What to Eat at Yankee Stadium This Baseball Season

Yankee sliders, with mustard seared into the patty.

One of our favorite things about the beginning of spring is the return of baseball. There’s are few things we love more than watching the Bronx Bombers win at Yankee Stadium, except maybe for watching them win while eating delicious fare. This season the senior executive chef Matt Gibson is upping the food game at Yankee Stadium. Our sister publication Edible Bronx recently got a peek at the new offerings, which they share below. Tells us in the comments what you’re looking forward to eating this spring and for more Bronx eats follow Edible Bronx on Instagram.

There’s an agility factor to ballpark food. Very few restaurants offer a speeding foul ball or errant shot on goal with the meal. At Yankee Stadium, home to iconic baseball team the Yankees and Major League Soccer’s New York City Football Club, such surprise floor-show items are prix fixe. A steaming bowl of phở could be a messy affair, so adding new flavors and unexpected flare to the menu meant factoring in the same mobility that made peanuts and hotdogs bleacher-seat staples.

Senior executive chef Matt Gibson took a big swing here, connecting on sliders, meaty sandwiches and a bao bun.

Equally delicate and rugged, the puffy white bao folds over Buffalo-crisped cauliflower with celery slaw and creamy blue cheese. If that sounds a little too high-brow for a ballgame, think again. It’s delicious and feels right at home on the Budweiser Party Decks overlooking center field. The sandwich-like snack also comes with carnivore options like braised pork belly with cucumber and pickled carrot, prime beef rib with sauteed onions and white queso sauce, and charbroiled chicken with sriracha ranch dressing and crushed kettle chips.

Bare Burger has four new offerings including a Black Bean Burger among more traditional carnivore options like beef, bison and turkey.

Chef Gibson said the bao idea wasn’t in anticipation of an increasingly sophisticated or international ticket holder. “Nothing is traditional about it. It’s just kind of our fun way of how we can incorporate stadium fare into a nice hand-held like that.”

Stadium planners removed several tiers of seating to create the party deck and two other terraces overlooking the field where people can socialize around full bars with spirits, beer, wine, and food. It seems very likely stadium guests will flock around the Yankee Dinger, a custom-ground and hand-smashed mini-burger with shaved white onion and French’s yellow mustard on a steamed potato bun. While not revolutionary, it’s very nice as sliders go.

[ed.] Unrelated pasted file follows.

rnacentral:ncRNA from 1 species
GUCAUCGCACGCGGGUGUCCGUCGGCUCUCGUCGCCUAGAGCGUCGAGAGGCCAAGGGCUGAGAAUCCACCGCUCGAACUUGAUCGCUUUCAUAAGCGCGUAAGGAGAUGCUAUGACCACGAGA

The caramelized onion French dip sandwich.

“We feel like the slider bubble popped a while ago, so we wanted to see what was the best we could possibly do with that,” Gibson said. “We actually grill French’s yellow mustard into it. No one really knows, unless you really like mustard.”

The caramelized onion French dip sandwich is an interesting take on a sit-down snack in a stand-up surrounding. The envelope-sliced semolina roll is fresh yet crusty and serves as a nice conveyance mechanism for the gooey middle. Nearby, a cheese maker will be pulling fresh mozzarella by hand for use in the Mutz sandwich with mixed vegetables.

For something a little spicier, chicken wings at Mighty Quinn’s have a great chili-lime burn (and the cilantro is sprinkled on top rather than in the sauce, so it’s easily picked off!). The Frank’s RedHot Chicken Diablo Sandwich really needs no further description. The same counter serves a one-pound beef rib, a generous brisket sandwich, a slow-smoked pulled pork sandwich, and fries topped with chopped burnt beef ends and a chili-lime sauce. Next door, Bareburger has four burgers, including the vegan Guadalupe featuring a black bean burger, pickled red onions, spinach, guacamole and spicy pico de gallo on a sprouted bun.

Non-traditional ballpark fare indeed.

Mighty Quinn’s brisket sandwich.

There are more vegetarian, vegan and gluten-free options too, mostly in the form of hand fruit and fruit salads. This area is decorated with fresh onions, carrots, tomatoes, and—breaking all ballpark expectations—piles of kale and Buddha hands.

Michael Margolis, the Yankee’s assistant director of baseball information and public communications, said the menu upgrades came from customer feedback.

“We asked our fans, we asked our ticket holders, what can we do to make their experience better,” Margolis said. “The answer, again and again, was: more. They wanted more.”

The season is young, so it’s not yet clear how fans will react to the new food offerings. But Chef Gibson said if something isn’t a hit, the Yankee Stadium team will be quick to change the lineup.

This article originally appeared on Edible Bronx.